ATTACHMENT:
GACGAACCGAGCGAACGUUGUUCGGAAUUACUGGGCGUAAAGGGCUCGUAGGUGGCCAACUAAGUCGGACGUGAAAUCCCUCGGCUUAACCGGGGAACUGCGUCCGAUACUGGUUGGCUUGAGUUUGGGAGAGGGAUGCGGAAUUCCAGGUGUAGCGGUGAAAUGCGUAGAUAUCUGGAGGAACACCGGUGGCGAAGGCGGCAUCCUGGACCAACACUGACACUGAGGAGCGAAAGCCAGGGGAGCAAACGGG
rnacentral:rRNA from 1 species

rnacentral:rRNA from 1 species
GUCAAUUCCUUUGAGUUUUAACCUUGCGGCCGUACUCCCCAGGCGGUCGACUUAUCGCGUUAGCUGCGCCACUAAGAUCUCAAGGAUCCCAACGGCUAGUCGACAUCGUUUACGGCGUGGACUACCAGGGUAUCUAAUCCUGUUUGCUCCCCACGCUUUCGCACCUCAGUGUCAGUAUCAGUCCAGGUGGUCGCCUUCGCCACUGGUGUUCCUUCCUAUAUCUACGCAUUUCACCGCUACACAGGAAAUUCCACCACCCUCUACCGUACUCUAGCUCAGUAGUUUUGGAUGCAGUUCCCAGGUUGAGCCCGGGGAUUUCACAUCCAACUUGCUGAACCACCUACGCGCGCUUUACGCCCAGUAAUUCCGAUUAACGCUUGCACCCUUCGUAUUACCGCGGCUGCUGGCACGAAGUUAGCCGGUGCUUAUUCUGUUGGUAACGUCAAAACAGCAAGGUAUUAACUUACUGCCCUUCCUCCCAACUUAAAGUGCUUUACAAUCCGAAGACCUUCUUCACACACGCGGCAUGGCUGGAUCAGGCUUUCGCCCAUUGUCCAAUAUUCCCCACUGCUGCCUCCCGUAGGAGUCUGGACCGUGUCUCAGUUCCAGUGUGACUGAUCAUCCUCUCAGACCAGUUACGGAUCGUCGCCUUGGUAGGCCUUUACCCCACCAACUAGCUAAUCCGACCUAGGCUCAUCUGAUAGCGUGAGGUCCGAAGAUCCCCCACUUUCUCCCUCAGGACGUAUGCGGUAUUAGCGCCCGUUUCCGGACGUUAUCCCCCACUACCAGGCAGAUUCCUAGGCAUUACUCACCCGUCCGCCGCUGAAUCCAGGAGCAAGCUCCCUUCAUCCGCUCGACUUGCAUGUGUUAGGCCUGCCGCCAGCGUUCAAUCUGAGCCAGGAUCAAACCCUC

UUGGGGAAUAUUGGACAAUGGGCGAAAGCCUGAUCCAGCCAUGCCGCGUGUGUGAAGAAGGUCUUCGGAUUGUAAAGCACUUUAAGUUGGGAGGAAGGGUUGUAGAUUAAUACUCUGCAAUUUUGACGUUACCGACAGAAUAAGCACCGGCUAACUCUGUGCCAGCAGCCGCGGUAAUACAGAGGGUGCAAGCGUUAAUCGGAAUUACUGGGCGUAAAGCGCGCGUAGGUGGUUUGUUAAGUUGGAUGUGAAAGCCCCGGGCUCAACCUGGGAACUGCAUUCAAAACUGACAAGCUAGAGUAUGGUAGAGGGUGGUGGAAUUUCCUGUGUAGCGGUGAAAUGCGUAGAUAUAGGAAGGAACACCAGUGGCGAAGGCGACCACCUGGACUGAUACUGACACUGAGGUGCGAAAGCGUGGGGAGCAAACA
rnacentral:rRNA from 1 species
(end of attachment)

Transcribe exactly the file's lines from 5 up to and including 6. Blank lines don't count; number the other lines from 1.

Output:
UUGGGGAAUAUUGGACAAUGGGCGAAAGCCUGAUCCAGCCAUGCCGCGUGUGUGAAGAAGGUCUUCGGAUUGUAAAGCACUUUAAGUUGGGAGGAAGGGUUGUAGAUUAAUACUCUGCAAUUUUGACGUUACCGACAGAAUAAGCACCGGCUAACUCUGUGCCAGCAGCCGCGGUAAUACAGAGGGUGCAAGCGUUAAUCGGAAUUACUGGGCGUAAAGCGCGCGUAGGUGGUUUGUUAAGUUGGAUGUGAAAGCCCCGGGCUCAACCUGGGAACUGCAUUCAAAACUGACAAGCUAGAGUAUGGUAGAGGGUGGUGGAAUUUCCUGUGUAGCGGUGAAAUGCGUAGAUAUAGGAAGGAACACCAGUGGCGAAGGCGACCACCUGGACUGAUACUGACACUGAGGUGCGAAAGCGUGGGGAGCAAACA
rnacentral:rRNA from 1 species